3 easy tips to help you save money on your food shopping bill at PumpjackPiddlewick

3 Easy Tips to Save Money and Cut Down on your Food Bill

There are so many ways to save money, but I find one of the easiest areas is food. There is no need to starve, in fact we live incredibly healthy on 50€ (substitute your currency here) a week without feeling deprived at all. Of course you could simply eat less (something I definitely don’t believe in), or go vegetarian (if you haven’t already), or you could try these three easy tips that don’t impact at all on what you eat, but will save you money.

3 Easy Tips to Save Money3 simple tips to help you save money on your food shopping bill at PumpjackPiddlewick

1. Don’t stock up

Buy what you need for this week only, and buy after something runs out, not before. Other than condiments and herbs/spices, buying items that will sit in your kitchen or fridge beyond the week is dead money, not saved money. Money that could go towards your debt or dream. And the more you fill your fridge, cupboards and shelves with dead stock, the more likely you will forget about items as they get shuffled to the back. Ideally, what you want is to be able to see every item on your shelves, particularly in your refrigerator.

The only time to break this rule is if you are living somewhere where the nearest shop is hours away, then keeping enough food for 2 weeks as a just in case, against snow storms say, may be necessary. You should only ever have in your freezer enough to give you half a week more, 1 week at most, additional, back up/emergency food supply. (Or course, this excludes if you have bought half a cow or moose that will take you through most of the year and needs to be stored frozen.)

2. Don’t succumb to promos or bigger sizes

Yes, 2 for 3 is supposedly saving you money, but you end up spending more money to get it on the day, and it will simply sit in your cupboard until used. Ditto for larger or bulk items. Spending more money on the day is not saving money. As said above, anything sitting and not being used regularly, or eaten that week, is wasted money. Spend to your budget for just that week, without buying promotions or large items, and you will find you are able to afford more good food. To clarify, as this is an important concept: You need olive oil. There is a promotion on for 3 bottles for the price of 2. A single bottle costs say for ease, a fiver (we’ll talk in $ for this exercise). So for $10 you can get the 3. However, the single bottle is $5 out of say your $50 weekly budget, the 3 bottles are $10 out of your $50. You have lost $5 to dead stock on your shelf that could have bought you an entire dinners fixings, or a better quality olive oil. Now, go buy the smaller one and you have even more money for some other tasty treat. I can guarantee you that by buying only the one, within you budget, you will save money.

However, what I will say in favor of promotions is if something is reduced. You do save money then, but only if in substitution for something on your list, not additional. In example, fish is on sale this week, buy it instead of the beef or chicken that was planned.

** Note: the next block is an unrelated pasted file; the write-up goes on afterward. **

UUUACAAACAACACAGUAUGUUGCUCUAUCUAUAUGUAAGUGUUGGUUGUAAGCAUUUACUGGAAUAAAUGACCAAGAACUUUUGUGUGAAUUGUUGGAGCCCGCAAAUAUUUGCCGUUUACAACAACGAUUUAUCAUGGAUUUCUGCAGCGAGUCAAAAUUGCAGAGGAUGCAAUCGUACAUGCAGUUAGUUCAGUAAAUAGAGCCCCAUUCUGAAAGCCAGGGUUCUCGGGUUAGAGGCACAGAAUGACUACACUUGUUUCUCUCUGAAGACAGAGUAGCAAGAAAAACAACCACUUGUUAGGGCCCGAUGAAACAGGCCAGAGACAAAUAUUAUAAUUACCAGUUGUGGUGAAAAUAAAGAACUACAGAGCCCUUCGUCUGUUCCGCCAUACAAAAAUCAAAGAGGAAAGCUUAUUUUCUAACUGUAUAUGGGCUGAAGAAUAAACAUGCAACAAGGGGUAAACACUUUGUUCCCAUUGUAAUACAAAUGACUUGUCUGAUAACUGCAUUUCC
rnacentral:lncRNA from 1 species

3 easy tips to save money plan meals after you shop suggestion by PumpjackPiddlewick3. Do Plan Meals

Speaking of planning, I do make a meal plan for the week (though I occasionally chop and change the days and some ingredients), but I make my plans after I do my shopping. This may seem strange, but I find that if I make a meal plan before then it doesn’t give me the same flexibility over pricing. By shopping based on a budget, with the intent of planning and buying enough food to cover a week. (I always use a Shopping List to help me stick to my budget.) I then find recipes based on what I have bought (ah, the internet is a wondrous thing).

So how do I plan based on not knowing what I will cook? By thinking 4 meat dishes (if one is not a vegetarian) 2 vegetarian meals and 1 left over night, or throw together what is left in the fridge/freezer night, it means looking for enough foods to cover this outline. Keeping to this formula, I then look for the best value for my money that covers these areas. If I find a particularly tasty piece of meat that costs a bit more I may adjust to 3 veggie dishes and 3 meat dishes for the week. It’s about flexibility in the planning, and by not having already decided my meals, I actually have more flexibility.

Of note, vegetarian dishes are generally always cheaper than meat dishes, so if you really have a tight budget or wish to save even more money, consider eating only veggie dishes or limiting your meat intake substantially. If you are already a vegetarian, lucky you!

You may be thinking, but what about lunch and breakfast? Lunch for us is always left overs from the night or 2 nights before. So when I buy meat or veg, I try to buy the most I can afford, and then we keep a bit for our lunches the next day. We personally keep breakfast very simple as we are very early risers. (Butter coffee, but that’s another story.) Breakfast could be left overs, depending on how much you cooked. or make something that morning, say an egg sandwich. A yogurt with some fruit or nuts. We think cereals are over priced and generally you are starting your day on a sugar high. Savory will give you more energy in the morning than sweet. But if you go that route, think about making your own muesli. It’s cheaper and healthier. Again, it is just about planning, possibly re-thinking what you might normally have, maybe swapping your daily meals around (strange concept, but fun to try), keeping at least 1 meal light, and how much time you wish to give to preparation, and at what time of day.

There’s no excuse for eating badly, no matter how time poor you are. It is honestly, simply planning. And raiding the refrigerator for leftovers otherwise.

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